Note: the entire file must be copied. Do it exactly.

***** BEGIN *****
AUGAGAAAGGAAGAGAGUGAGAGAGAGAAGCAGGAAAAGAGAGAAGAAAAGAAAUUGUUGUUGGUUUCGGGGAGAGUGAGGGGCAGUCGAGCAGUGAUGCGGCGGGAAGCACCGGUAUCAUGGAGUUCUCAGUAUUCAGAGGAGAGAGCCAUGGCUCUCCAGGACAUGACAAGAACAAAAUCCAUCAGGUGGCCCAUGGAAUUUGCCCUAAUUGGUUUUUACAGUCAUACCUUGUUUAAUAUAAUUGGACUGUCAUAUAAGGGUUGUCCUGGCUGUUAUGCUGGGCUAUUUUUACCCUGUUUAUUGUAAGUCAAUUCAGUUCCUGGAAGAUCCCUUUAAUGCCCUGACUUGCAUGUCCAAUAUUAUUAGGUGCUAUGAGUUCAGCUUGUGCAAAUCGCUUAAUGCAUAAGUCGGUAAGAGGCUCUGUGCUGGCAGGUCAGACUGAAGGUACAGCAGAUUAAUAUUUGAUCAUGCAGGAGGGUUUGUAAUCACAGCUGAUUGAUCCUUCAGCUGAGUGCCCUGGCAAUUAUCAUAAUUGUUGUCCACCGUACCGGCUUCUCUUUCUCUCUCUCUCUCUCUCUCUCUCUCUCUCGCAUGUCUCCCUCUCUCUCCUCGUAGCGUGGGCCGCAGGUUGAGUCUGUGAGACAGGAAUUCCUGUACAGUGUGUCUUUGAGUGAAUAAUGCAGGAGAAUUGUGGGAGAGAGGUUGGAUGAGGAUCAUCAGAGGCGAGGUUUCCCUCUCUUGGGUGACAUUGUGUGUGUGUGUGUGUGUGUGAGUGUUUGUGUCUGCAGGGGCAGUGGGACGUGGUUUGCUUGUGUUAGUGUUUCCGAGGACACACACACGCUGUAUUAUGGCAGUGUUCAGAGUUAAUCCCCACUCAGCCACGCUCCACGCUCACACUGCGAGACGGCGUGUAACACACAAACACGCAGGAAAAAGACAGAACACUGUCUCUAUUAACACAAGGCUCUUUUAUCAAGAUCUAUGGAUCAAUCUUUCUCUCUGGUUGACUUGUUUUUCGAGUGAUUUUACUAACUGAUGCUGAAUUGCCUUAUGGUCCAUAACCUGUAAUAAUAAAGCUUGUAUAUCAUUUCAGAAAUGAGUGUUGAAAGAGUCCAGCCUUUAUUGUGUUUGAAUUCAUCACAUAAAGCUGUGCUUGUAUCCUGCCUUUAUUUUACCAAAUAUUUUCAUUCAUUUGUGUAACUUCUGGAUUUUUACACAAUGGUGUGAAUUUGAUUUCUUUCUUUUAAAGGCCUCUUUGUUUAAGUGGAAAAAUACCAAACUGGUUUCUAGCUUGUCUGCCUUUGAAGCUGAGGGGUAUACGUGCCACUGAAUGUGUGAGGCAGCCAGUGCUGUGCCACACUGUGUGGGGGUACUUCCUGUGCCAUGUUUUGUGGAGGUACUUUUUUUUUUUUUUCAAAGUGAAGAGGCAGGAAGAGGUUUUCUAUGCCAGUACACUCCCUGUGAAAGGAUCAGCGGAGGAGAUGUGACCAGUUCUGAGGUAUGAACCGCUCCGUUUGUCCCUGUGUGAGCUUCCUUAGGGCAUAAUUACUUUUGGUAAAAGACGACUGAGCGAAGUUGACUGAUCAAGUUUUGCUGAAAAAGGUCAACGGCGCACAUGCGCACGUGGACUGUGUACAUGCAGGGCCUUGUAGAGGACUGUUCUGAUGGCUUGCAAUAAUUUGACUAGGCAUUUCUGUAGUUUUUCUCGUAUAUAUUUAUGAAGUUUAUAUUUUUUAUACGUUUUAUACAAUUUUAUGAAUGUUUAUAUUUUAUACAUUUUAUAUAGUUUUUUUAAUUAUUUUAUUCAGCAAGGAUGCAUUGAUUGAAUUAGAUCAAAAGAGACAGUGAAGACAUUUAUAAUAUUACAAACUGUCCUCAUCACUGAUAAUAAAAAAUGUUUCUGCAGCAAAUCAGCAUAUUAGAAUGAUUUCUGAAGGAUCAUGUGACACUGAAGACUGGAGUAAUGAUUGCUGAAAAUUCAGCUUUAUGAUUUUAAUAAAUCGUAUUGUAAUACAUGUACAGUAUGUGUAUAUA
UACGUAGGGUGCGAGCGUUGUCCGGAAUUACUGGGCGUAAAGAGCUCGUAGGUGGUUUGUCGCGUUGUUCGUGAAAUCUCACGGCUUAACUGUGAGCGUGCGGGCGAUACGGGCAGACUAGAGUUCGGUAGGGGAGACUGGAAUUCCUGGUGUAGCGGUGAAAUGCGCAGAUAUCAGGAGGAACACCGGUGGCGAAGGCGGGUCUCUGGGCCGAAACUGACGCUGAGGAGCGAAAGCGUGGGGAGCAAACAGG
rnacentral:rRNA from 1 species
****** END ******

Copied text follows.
AUGAGAAAGGAAGAGAGUGAGAGAGAGAAGCAGGAAAAGAGAGAAGAAAAGAAAUUGUUGUUGGUUUCGGGGAGAGUGAGGGGCAGUCGAGCAGUGAUGCGGCGGGAAGCACCGGUAUCAUGGAGUUCUCAGUAUUCAGAGGAGAGAGCCAUGGCUCUCCAGGACAUGACAAGAACAAAAUCCAUCAGGUGGCCCAUGGAAUUUGCCCUAAUUGGUUUUUACAGUCAUACCUUGUUUAAUAUAAUUGGACUGUCAUAUAAGGGUUGUCCUGGCUGUUAUGCUGGGCUAUUUUUACCCUGUUUAUUGUAAGUCAAUUCAGUUCCUGGAAGAUCCCUUUAAUGCCCUGACUUGCAUGUCCAAUAUUAUUAGGUGCUAUGAGUUCAGCUUGUGCAAAUCGCUUAAUGCAUAAGUCGGUAAGAGGCUCUGUGCUGGCAGGUCAGACUGAAGGUACAGCAGAUUAAUAUUUGAUCAUGCAGGAGGGUUUGUAAUCACAGCUGAUUGAUCCUUCAGCUGAGUGCCCUGGCAAUUAUCAUAAUUGUUGUCCACCGUACCGGCUUCUCUUUCUCUCUCUCUCUCUCUCUCUCUCUCUCUCGCAUGUCUCCCUCUCUCUCCUCGUAGCGUGGGCCGCAGGUUGAGUCUGUGAGACAGGAAUUCCUGUACAGUGUGUCUUUGAGUGAAUAAUGCAGGAGAAUUGUGGGAGAGAGGUUGGAUGAGGAUCAUCAGAGGCGAGGUUUCCCUCUCUUGGGUGACAUUGUGUGUGUGUGUGUGUGUGUGAGUGUUUGUGUCUGCAGGGGCAGUGGGACGUGGUUUGCUUGUGUUAGUGUUUCCGAGGACACACACACGCUGUAUUAUGGCAGUGUUCAGAGUUAAUCCCCACUCAGCCACGCUCCACGCUCACACUGCGAGACGGCGUGUAACACACAAACACGCAGGAAAAAGACAGAACACUGUCUCUAUUAACACAAGGCUCUUUUAUCAAGAUCUAUGGAUCAAUCUUUCUCUCUGGUUGACUUGUUUUUCGAGUGAUUUUACUAACUGAUGCUGAAUUGCCUUAUGGUCCAUAACCUGUAAUAAUAAAGCUUGUAUAUCAUUUCAGAAAUGAGUGUUGAAAGAGUCCAGCCUUUAUUGUGUUUGAAUUCAUCACAUAAAGCUGUGCUUGUAUCCUGCCUUUAUUUUACCAAAUAUUUUCAUUCAUUUGUGUAACUUCUGGAUUUUUACACAAUGGUGUGAAUUUGAUUUCUUUCUUUUAAAGGCCUCUUUGUUUAAGUGGAAAAAUACCAAACUGGUUUCUAGCUUGUCUGCCUUUGAAGCUGAGGGGUAUACGUGCCACUGAAUGUGUGAGGCAGCCAGUGCUGUGCCACACUGUGUGGGGGUACUUCCUGUGCCAUGUUUUGUGGAGGUACUUUUUUUUUUUUUUCAAAGUGAAGAGGCAGGAAGAGGUUUUCUAUGCCAGUACACUCCCUGUGAAAGGAUCAGCGGAGGAGAUGUGACCAGUUCUGAGGUAUGAACCGCUCCGUUUGUCCCUGUGUGAGCUUCCUUAGGGCAUAAUUACUUUUGGUAAAAGACGACUGAGCGAAGUUGACUGAUCAAGUUUUGCUGAAAAAGGUCAACGGCGCACAUGCGCACGUGGACUGUGUACAUGCAGGGCCUUGUAGAGGACUGUUCUGAUGGCUUGCAAUAAUUUGACUAGGCAUUUCUGUAGUUUUUCUCGUAUAUAUUUAUGAAGUUUAUAUUUUUUAUACGUUUUAUACAAUUUUAUGAAUGUUUAUAUUUUAUACAUUUUAUAUAGUUUUUUUAAUUAUUUUAUUCAGCAAGGAUGCAUUGAUUGAAUUAGAUCAAAAGAGACAGUGAAGACAUUUAUAAUAUUACAAACUGUCCUCAUCACUGAUAAUAAAAAAUGUUUCUGCAGCAAAUCAGCAUAUUAGAAUGAUUUCUGAAGGAUCAUGUGACACUGAAGACUGGAGUAAUGAUUGCUGAAAAUUCAGCUUUAUGAUUUUAAUAAAUCGUAUUGUAAUACAUGUACAGUAUGUGUAUAUA
UACGUAGGGUGCGAGCGUUGUCCGGAAUUACUGGGCGUAAAGAGCUCGUAGGUGGUUUGUCGCGUUGUUCGUGAAAUCUCACGGCUUAACUGUGAGCGUGCGGGCGAUACGGGCAGACUAGAGUUCGGUAGGGGAGACUGGAAUUCCUGGUGUAGCGGUGAAAUGCGCAGAUAUCAGGAGGAACACCGGUGGCGAAGGCGGGUCUCUGGGCCGAAACUGACGCUGAGGAGCGAAAGCGUGGGGAGCAAACAGG
rnacentral:rRNA from 1 species